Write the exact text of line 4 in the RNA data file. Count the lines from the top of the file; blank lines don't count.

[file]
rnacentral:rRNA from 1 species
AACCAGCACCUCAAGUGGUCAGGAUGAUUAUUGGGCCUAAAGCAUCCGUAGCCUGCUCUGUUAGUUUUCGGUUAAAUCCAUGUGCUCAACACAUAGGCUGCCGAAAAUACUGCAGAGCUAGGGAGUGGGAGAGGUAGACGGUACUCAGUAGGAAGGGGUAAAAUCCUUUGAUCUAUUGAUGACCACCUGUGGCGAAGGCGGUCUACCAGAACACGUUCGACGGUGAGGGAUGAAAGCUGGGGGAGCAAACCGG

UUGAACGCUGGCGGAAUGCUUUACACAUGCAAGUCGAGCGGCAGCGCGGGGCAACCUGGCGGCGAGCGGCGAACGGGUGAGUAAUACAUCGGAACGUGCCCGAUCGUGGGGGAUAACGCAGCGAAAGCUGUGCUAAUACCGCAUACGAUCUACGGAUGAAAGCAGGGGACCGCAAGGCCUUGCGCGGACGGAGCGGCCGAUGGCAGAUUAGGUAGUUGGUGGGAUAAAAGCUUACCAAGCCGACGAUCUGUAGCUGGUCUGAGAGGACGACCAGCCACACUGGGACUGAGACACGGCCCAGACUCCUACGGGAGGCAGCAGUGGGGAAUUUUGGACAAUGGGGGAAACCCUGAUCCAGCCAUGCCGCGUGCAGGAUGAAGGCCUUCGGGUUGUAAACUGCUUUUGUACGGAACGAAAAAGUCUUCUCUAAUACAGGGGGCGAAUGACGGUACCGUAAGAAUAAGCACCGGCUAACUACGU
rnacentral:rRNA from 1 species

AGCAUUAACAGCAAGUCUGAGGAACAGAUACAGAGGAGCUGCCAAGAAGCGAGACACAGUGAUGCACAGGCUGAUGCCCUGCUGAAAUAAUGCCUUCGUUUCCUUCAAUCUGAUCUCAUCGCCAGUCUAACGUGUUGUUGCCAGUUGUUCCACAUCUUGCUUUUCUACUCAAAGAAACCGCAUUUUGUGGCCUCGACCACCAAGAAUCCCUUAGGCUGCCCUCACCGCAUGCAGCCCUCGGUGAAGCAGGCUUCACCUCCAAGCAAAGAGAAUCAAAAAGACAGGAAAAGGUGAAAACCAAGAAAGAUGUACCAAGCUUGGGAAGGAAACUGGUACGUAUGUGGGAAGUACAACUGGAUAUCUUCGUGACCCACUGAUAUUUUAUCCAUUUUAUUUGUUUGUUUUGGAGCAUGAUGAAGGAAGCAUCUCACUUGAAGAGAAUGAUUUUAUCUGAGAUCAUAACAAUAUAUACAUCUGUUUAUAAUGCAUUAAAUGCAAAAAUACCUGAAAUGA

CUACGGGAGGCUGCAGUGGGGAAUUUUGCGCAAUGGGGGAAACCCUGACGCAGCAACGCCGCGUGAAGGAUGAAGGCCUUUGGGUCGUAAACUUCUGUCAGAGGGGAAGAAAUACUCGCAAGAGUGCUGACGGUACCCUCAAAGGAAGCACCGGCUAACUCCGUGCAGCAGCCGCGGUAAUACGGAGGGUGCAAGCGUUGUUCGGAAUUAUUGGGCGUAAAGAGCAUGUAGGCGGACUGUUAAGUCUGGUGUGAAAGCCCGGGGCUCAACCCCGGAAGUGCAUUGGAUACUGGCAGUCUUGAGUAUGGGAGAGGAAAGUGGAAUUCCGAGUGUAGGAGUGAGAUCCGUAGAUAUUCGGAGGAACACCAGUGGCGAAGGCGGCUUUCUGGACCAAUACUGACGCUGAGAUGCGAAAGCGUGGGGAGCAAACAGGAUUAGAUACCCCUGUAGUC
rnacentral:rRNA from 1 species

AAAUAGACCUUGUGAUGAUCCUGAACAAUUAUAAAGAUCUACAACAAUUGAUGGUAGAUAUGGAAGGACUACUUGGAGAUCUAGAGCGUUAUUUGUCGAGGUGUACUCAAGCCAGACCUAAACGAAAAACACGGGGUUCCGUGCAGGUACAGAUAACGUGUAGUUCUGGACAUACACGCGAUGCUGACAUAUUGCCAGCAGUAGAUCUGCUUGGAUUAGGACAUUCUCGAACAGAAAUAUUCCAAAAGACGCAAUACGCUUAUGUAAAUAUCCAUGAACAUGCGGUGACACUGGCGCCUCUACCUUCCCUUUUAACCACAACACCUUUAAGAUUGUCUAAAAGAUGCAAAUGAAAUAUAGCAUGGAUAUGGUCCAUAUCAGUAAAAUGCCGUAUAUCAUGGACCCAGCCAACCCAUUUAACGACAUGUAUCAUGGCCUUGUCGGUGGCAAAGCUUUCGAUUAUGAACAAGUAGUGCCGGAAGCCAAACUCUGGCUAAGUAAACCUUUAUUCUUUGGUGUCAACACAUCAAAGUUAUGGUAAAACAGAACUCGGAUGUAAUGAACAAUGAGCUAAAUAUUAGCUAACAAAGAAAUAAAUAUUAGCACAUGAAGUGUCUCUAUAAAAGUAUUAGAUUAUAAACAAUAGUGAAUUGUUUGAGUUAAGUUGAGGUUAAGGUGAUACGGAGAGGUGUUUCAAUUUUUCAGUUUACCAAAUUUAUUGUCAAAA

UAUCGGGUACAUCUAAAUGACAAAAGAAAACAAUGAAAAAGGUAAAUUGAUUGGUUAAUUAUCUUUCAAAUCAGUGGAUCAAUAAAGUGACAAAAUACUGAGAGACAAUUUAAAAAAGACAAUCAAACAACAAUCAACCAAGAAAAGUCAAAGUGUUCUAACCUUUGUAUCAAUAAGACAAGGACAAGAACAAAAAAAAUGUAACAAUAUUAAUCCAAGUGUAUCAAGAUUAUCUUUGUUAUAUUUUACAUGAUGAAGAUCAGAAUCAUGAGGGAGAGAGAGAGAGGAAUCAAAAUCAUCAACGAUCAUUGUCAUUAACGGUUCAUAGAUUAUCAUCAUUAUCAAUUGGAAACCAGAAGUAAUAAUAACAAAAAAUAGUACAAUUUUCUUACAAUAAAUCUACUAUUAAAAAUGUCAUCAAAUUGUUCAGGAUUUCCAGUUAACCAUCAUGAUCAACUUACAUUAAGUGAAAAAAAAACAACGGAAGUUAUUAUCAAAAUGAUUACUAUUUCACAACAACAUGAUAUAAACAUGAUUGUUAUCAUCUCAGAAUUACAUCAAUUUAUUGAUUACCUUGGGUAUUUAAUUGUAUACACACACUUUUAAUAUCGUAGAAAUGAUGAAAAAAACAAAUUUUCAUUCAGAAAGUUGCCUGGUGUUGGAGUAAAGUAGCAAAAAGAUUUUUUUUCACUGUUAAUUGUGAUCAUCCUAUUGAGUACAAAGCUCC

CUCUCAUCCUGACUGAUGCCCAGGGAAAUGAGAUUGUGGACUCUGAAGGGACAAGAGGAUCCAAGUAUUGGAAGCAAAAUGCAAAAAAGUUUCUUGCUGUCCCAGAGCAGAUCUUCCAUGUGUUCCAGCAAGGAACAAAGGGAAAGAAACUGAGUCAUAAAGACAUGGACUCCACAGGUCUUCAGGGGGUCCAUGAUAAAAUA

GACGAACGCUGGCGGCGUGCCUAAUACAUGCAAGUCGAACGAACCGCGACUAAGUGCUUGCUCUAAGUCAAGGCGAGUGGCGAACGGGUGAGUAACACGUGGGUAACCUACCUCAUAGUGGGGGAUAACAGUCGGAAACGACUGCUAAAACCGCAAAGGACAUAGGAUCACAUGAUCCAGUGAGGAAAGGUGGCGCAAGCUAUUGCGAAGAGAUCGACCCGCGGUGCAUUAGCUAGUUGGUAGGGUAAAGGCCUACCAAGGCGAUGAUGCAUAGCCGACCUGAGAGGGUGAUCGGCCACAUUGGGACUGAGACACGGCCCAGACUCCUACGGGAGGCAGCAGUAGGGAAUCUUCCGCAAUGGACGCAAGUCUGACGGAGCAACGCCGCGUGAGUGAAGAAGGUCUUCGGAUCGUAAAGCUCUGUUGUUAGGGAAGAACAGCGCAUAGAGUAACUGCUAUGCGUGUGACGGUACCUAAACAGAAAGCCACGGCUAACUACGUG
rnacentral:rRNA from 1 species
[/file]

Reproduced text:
rnacentral:rRNA from 1 species